In earlier tutorials we have used the wait for statement to delay time in simulation. But what about production modules? The wait for statement cannot be used for that. That only works in simulation because we can’t just tell the electrons in a circuit to pause for a given time. So how can we keep track of time in a design module?

The answer is simply counting clock cycles. Every digital design has access to a clock signal which oscillates at a fixed, known frequency. Therefore, if we know that the clock frequency is 100 MHz, we can measure one second by counting a hundred million clock cycles.

This blog post is part of the Basic VHDL Tutorials series.

To count seconds in VHDL, we can implement a counter that counts the number of clock periods which passes. When this counter reaches the value of the clock frequency, 100 million for example, we know that a second has passed and it’s time to increment another counter. Let’s call this the Seconds counter.

To count minutes, we can implement another Minutes counter which increments when 60 seconds have passed. Similarly, we can create an Hours counter for counting hours, incrementing when 60 minutes have passed.

We can continue this approach for counting days, weeks, and months too. We are limited by the available physical resources in the underlying technology as well as the length of the counter versus the clock frequency.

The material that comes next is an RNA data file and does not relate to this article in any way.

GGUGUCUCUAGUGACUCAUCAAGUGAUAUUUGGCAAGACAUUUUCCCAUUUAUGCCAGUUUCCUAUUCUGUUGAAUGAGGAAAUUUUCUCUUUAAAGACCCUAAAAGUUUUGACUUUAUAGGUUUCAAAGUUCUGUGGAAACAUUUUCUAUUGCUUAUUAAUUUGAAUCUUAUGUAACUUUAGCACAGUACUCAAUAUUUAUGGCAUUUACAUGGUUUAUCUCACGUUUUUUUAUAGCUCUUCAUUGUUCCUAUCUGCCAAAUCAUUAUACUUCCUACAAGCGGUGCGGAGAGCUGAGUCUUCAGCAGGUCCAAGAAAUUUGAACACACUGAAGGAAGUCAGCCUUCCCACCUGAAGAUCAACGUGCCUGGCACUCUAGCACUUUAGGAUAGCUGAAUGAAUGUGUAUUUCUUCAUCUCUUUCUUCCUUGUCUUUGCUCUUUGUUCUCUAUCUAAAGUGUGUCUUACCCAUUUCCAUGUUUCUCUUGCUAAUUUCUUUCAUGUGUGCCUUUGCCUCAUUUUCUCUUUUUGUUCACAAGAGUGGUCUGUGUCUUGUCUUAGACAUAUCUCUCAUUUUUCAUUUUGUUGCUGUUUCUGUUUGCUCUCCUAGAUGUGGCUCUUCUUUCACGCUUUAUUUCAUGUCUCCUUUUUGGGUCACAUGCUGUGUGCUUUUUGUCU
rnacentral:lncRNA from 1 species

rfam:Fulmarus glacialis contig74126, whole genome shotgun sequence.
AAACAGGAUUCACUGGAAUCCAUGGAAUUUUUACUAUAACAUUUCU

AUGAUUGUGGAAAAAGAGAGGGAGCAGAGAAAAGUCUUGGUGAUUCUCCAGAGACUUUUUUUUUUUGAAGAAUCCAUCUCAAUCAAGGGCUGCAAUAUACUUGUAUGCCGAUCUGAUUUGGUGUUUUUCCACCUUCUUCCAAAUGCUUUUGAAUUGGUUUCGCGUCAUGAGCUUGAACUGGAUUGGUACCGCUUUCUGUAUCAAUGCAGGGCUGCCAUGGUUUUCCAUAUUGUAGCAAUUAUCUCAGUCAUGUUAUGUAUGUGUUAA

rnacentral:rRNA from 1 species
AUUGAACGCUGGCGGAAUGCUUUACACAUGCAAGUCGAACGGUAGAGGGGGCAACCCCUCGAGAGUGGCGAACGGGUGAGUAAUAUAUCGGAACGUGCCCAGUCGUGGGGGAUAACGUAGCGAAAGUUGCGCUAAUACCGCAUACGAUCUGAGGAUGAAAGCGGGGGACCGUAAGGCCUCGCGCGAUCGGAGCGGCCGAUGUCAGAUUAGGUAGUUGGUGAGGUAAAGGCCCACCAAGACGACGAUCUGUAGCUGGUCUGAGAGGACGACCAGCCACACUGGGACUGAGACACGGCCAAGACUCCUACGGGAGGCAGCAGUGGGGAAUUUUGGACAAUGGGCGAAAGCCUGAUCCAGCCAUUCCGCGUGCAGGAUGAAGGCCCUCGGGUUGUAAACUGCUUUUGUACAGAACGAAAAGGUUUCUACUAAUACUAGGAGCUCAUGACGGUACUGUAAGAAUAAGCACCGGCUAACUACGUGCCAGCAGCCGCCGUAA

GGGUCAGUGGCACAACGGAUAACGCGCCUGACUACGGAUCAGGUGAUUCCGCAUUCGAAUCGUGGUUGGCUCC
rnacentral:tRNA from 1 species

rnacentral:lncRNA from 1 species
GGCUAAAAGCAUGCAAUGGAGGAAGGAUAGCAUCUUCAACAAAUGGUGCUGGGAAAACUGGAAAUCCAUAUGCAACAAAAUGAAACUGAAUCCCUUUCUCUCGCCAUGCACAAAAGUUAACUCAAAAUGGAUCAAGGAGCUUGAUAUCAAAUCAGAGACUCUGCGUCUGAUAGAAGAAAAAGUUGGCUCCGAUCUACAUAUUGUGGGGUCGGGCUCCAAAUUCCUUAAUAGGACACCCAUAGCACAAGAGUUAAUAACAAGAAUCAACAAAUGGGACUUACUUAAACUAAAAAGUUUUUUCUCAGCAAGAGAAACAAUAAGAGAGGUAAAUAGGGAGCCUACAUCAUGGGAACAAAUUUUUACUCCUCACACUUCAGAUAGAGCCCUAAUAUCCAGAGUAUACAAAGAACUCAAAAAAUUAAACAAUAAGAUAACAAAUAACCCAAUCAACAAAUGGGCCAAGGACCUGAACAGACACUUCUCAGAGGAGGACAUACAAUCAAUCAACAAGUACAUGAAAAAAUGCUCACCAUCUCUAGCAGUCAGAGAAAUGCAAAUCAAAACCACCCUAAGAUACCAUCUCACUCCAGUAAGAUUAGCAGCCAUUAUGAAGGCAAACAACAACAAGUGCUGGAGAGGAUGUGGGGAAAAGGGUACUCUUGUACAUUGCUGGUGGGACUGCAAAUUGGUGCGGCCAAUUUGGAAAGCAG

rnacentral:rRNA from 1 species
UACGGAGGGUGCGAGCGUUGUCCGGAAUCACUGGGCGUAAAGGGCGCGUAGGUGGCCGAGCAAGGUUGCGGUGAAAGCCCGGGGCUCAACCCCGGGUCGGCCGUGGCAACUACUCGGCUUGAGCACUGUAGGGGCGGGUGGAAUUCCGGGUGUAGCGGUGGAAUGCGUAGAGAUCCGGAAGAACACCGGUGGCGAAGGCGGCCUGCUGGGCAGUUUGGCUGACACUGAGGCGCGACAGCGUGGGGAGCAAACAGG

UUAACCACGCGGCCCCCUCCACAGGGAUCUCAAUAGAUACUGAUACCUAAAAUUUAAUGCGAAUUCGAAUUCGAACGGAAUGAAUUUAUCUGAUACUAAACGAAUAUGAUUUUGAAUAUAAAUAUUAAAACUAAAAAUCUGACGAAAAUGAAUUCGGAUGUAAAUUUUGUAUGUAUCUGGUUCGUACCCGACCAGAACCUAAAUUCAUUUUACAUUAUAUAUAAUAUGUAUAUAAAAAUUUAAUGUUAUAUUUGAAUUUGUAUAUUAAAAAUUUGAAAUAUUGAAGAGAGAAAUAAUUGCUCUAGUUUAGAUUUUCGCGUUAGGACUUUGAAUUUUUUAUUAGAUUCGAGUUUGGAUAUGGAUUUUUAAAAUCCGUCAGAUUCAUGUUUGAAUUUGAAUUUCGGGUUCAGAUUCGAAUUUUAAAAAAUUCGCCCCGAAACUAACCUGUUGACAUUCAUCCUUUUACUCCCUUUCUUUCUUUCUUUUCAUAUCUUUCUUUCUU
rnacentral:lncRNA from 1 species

As the length of the counters increase, obviously it consumes more resources. But it will also react slower because the chain of events becomes longer.


In this video tutorial we will learn how to create a timer module in VHDL:

The final code for the timer testbench:

library ieee;
use ieee.std_logic_1164.all;
use ieee.numeric_std.all;

entity T18_TimerTb is
end entity;

architecture sim of T18_TimerTb is

    -- We're slowing down the clock to speed up simulation time
    constant ClockFrequencyHz : integer := 10; -- 10 Hz
    constant ClockPeriod      : time := 1000 ms / ClockFrequencyHz;

    signal Clk     : std_logic := '1';
    signal nRst    : std_logic := '0';
    signal Seconds : integer;
    signal Minutes : integer;
    signal Hours   : integer;


    -- The Device Under Test (DUT)
    i_Timer : entity work.T18_Timer(rtl)
    generic map(ClockFrequencyHz => ClockFrequencyHz)
    port map (
        Clk     => Clk,
        nRst    => nRst,
        Seconds => Seconds,
        Minutes => Minutes,
        Hours   => Hours);

    -- Process for generating the clock
    Clk <= not Clk after ClockPeriod / 2;

    -- Testbench sequence
    process is
        wait until rising_edge(Clk);
        wait until rising_edge(Clk);

        -- Take the DUT out of reset
        nRst <= '1';

    end process;

end architecture;

The final code for the timer module:

library ieee;
use ieee.std_logic_1164.all;
use ieee.numeric_std.all;

entity T18_Timer is
generic(ClockFrequencyHz : integer);
    Clk     : in std_logic;
    nRst    : in std_logic; -- Negative reset
    Seconds : inout integer;
    Minutes : inout integer;
    Hours   : inout integer);
end entity;

architecture rtl of T18_Timer is

    -- Signal for counting clock periods
    signal Ticks : integer;


    process(Clk) is
        if rising_edge(Clk) then

            -- If the negative reset signal is active
            if nRst = '0' then